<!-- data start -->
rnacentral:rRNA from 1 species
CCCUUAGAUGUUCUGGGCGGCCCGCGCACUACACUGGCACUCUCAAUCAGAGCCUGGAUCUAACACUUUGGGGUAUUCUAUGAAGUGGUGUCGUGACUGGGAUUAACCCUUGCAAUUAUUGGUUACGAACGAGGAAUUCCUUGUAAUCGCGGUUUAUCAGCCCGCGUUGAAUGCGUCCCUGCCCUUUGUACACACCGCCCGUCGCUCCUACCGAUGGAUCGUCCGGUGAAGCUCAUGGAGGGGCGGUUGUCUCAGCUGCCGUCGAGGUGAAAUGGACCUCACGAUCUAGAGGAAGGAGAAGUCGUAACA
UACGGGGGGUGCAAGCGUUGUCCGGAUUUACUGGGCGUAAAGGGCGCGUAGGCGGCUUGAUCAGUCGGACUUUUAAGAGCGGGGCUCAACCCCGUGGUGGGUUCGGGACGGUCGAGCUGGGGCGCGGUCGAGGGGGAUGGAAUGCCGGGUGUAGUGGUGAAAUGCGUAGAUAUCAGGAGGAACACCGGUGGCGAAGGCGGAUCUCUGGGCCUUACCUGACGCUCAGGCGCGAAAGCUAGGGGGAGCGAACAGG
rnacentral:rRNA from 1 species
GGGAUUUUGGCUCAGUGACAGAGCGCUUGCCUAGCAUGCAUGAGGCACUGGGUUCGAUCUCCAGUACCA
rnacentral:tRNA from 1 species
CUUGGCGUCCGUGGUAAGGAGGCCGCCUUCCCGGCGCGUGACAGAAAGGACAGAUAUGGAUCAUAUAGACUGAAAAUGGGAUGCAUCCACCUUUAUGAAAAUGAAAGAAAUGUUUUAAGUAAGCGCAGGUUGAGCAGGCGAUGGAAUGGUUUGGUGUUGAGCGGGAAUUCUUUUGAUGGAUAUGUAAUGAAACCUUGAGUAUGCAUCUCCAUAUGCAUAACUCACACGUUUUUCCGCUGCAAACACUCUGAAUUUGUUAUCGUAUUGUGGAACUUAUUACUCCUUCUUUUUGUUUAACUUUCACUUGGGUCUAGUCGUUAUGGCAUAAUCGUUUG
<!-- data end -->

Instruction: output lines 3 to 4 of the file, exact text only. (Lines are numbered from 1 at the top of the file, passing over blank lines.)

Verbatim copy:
UACGGGGGGUGCAAGCGUUGUCCGGAUUUACUGGGCGUAAAGGGCGCGUAGGCGGCUUGAUCAGUCGGACUUUUAAGAGCGGGGCUCAACCCCGUGGUGGGUUCGGGACGGUCGAGCUGGGGCGCGGUCGAGGGGGAUGGAAUGCCGGGUGUAGUGGUGAAAUGCGUAGAUAUCAGGAGGAACACCGGUGGCGAAGGCGGAUCUCUGGGCCUUACCUGACGCUCAGGCGCGAAAGCUAGGGGGAGCGAACAGG
rnacentral:rRNA from 1 species